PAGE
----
One of the perks of having an “almost-empty-nest” is the ability to travel more frequently. As it happens, the opportunity for an extended weekend away from home has happened a few times this fall. Most recently, I tagged along with my husband on a trip to Maryland.
I had never been there before, and we had a great time getting to our destination. Driving through Ohio, I was manning the interior controls of the rental car, and almost cooked us inside out when I turned on the heated seats full blast while trying to find the air conditioning. Fun times – always a laugh a minute with yours truly. Continue reading “Patriotic path to Veterans Day”
It is Memorial Day weekend, a chance to have a reprieve from work, spend time with family, and, hopefully, enjoy some decent weather.
But, Memorial Day means so much more. It is the day set aside to honor our military’s fallen heroes.
As a military family, we are truly humbled by this holiday. We know the sacrifices made in order to serve. And we are in mourning with the families whose service members made the ultimate sacrifice.
Over the past few years, I have written about service and sacrifice, and compiled a few of my “reader favorites” here, complete with links. Some of these essays have been picked up by other sites, which was a real honor for me.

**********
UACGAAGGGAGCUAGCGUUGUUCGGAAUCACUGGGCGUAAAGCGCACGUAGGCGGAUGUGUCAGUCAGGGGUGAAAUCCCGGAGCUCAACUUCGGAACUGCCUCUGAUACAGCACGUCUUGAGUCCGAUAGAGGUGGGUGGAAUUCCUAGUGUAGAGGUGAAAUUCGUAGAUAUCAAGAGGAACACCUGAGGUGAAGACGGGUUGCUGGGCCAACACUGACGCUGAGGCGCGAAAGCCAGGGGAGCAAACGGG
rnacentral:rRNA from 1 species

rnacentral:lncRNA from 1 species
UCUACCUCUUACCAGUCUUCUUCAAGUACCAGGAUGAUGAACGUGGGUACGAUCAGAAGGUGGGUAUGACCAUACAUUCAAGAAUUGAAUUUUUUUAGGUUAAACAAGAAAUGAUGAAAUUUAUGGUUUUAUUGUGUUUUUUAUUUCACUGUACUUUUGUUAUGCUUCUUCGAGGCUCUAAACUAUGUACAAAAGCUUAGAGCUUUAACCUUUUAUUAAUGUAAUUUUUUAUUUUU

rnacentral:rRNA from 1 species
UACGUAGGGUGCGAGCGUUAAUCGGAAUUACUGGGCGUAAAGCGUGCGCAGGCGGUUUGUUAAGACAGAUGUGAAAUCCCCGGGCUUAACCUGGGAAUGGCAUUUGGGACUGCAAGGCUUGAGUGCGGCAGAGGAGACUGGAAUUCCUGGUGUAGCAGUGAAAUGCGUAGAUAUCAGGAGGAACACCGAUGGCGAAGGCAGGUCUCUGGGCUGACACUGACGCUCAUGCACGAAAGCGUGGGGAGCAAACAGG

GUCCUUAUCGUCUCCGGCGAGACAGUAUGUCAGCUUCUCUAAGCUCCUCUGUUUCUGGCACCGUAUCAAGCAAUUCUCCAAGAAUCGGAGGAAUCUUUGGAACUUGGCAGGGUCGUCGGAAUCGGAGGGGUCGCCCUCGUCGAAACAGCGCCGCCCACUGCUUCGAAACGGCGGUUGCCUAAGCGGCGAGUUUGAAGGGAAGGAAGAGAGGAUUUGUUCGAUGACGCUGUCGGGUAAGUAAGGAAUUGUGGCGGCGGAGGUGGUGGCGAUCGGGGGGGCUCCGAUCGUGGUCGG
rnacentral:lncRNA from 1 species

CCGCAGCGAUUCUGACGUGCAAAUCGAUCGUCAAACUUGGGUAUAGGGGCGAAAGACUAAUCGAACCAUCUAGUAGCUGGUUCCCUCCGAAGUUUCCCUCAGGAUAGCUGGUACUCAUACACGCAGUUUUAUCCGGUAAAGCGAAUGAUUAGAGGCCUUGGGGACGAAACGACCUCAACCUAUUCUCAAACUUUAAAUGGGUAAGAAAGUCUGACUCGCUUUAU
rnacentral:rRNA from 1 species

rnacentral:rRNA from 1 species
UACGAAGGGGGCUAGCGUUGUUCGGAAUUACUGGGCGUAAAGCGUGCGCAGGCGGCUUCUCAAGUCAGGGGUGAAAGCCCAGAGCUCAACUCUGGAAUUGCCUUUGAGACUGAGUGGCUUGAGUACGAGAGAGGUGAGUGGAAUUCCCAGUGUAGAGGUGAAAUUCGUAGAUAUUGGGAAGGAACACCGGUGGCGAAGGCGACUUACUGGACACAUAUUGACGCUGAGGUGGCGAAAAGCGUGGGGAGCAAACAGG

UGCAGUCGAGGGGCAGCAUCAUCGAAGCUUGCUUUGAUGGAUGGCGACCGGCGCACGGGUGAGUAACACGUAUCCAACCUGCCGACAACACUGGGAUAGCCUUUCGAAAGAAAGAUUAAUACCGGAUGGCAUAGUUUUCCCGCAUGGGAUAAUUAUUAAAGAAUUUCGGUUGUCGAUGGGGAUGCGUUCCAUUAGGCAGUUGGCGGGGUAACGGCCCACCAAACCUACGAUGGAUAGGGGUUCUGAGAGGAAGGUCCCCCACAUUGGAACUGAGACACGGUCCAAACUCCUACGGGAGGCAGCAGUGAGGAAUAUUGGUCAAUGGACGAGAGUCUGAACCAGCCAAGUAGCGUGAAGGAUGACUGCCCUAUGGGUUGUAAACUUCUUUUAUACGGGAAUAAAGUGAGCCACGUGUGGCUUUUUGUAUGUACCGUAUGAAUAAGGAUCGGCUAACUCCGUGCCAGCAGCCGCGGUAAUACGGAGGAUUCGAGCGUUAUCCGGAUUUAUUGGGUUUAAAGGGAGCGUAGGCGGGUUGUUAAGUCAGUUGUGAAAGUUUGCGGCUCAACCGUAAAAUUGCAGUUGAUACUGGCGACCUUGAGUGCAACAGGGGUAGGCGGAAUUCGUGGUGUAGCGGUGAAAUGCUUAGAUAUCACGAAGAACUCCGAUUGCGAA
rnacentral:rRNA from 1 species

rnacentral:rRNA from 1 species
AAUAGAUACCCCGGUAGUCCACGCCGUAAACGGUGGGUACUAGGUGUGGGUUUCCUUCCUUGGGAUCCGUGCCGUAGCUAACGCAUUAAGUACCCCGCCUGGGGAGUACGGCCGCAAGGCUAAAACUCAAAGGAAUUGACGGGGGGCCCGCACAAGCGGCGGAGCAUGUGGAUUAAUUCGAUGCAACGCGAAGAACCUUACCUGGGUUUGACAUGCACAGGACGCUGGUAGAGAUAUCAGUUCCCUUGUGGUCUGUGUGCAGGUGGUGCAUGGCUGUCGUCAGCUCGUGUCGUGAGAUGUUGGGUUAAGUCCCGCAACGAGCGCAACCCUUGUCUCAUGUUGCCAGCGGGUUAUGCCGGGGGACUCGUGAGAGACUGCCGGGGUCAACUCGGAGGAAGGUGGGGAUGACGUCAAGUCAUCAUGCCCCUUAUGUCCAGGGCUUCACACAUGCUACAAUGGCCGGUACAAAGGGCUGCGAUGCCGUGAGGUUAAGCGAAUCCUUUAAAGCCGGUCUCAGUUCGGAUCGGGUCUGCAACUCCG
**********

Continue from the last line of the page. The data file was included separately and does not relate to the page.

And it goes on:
Please take a moment to remember our fallen heroes and their families this Memorial Day weekend. Whether you attend a parade, a service at a cemetery, or just pause for quiet reflection, know that freedom isn’t free, and we are immensely blessed by those who do serve.
It is hard to believe that our youngest child graduates from high school this month.
For 25 years, we have ushered children out the door, snapping photos of the first day of school, chaperoning field trips and asking, “do you have homework?” Twenty-five years of concerts, conferences and sporting events. Each fall I would get writer’s cramp from filling out sets of emergency contact cards and writing dates on the calendar. Two and a half decades of sticker shock from back-to-school clothes and supplies.
The decorations are up. The baking is done. Candy dishes are filled. Presents are wrapped. It is the eve of the holiday, and yet, all I hear is, “It doesn’t feel like Christmas.”
In our area of the country, there is no snow. Yet. We have a 50-50 chance that we may have a white Christmas if this depressing rain turns to snow. Is that why it doesn’t feel like Christmas? I have lived in places that it never snows, so I don’t think the icy white stuff has anything to do with the feeling.